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I'm learning complex variables. What is the Arg of $\sqrt{(t-1)(t-2)}$ at the point $t=0$? Suppose we have define the cut $[1,2]$. Can we define at the upper side of the cut Arg of $t-1$ to be $0$ and $t-2$ to be $3\pi$. Or the initial Arg if of these two must have some correlations and cannot be arbitrarily defined?

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What relation does $t$ have with $z$? What do you mean by $[1,2]$ as a cut for the argument function - shouldn't the cut extend infinitely outward from the origin? –  anon May 27 '12 at 2:06
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So you've come back to edit, but you haven't engaged with the comment or the answer. Is $t$ supposed to be $z$, or what? You won't get the kind of answer you want if you don't meet us halfway! –  Gerry Myerson May 27 '12 at 13:15
    
@GerryMyerson I'm sorry I mistyped the question on mobile phone... –  Strin May 28 '12 at 6:37
    
Do you really mean to ask whether the argument of $t-2$ can be $3\pi$? or do you mean to ask about the argument of $\sqrt{t-2}$? I don't see how it's possible for the argument of $t-2$ to be $3\pi$. –  Gerry Myerson May 28 '12 at 7:08
    
@GerryMyerson so based on what assumptions of the branch cut can we uniquely define the value of the function at every point? I know how to define for the case $\sqrt{t-2}$ but I'm confused in that case. –  Strin May 28 '12 at 11:00
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up vote 4 down vote accepted

Assuming $t$ is supposed to be $z$, at $z=0$ we find that $(z-1)(z-2)$ is $2$, and the argument of $2$ is zero. If I've misunderstood the question, please clarify.

EDIT based on revised version of the question, and comments by OP:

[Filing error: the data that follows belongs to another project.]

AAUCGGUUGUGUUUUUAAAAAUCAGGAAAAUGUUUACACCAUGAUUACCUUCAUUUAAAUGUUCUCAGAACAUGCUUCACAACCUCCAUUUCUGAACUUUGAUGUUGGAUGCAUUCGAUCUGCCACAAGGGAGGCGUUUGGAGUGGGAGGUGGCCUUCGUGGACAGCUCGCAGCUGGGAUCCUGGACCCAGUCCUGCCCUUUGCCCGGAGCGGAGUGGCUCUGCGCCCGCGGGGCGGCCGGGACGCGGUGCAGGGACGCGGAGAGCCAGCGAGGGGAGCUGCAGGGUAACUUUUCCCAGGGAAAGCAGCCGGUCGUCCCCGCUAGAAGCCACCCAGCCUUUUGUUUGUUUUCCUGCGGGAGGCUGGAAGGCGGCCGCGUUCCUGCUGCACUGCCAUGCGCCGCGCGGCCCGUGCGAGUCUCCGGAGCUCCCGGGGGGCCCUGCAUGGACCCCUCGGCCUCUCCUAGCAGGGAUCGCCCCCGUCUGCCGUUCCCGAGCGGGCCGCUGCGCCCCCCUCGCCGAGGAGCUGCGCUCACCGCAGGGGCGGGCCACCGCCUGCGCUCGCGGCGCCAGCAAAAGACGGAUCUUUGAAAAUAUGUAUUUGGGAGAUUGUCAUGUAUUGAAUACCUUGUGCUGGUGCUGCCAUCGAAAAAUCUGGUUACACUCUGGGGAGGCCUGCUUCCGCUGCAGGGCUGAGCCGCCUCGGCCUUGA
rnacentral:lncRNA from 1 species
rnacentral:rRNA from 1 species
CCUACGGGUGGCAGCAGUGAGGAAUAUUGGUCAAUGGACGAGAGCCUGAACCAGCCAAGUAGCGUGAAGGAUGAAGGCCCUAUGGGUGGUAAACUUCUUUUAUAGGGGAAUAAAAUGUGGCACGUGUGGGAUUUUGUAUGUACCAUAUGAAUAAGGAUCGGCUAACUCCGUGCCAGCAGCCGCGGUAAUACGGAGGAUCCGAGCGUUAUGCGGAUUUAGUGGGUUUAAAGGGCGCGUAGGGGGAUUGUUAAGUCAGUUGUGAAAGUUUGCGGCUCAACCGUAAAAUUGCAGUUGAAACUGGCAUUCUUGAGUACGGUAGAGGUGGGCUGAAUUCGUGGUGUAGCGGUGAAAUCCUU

It's probably best if you look at the text Raymond mentions. For what it's worth, you can take the branch cut to be the interval $[1,2]$, and then at $t=0$ you can, if you like, choose for your function to have the value $\sqrt2$ (and thus argument zero). Making a choice of the function value at $t=0$ then uniquely specifies the function value everywhere (except on the branch cut, where it's not defined).

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Short answer : the arguments must belong to the same branch and the branch (or 'sheet') depends of the cut chosen.

This new question (with the additional square root) is more interesting and subtle than it seems.

Let's illustrate it with a plot of the argument of $\sqrt{(z-1)(z-2)}$ :

out branch

From the complex branch point of view you may :

  • consider the cut $(-\infty,1)$ and $(2,\infty)$ : in this case, because of the continuity requirement at $(1,2)$, all the arguments must belong to only one of the sheets shown above (upper, lower or one of the other hidden parallel surfaces...). Since $z=0$ is on a branch cut this choice is clearly ambiguous (the upper value is often preferred and sometimes none of them...)

  • or the cut will be $(1,2)$ (with continuity at both sides) and your arguments will all belong to the surface below (or one of the parallel surfaces). The picture is a little misleading and the part at the right should be shifted up or down by an offset $\pi$ to assume continuity at the front or the back when $\Re(z) \in (1,2)$ (with an 'acceptable' jump of $\pm 2\pi$ at the other side).

middle cut

Both points of view are handled with care in Ablowitz and Fokas 'Complex Variables' (2.3).

Hoping this clarified more,

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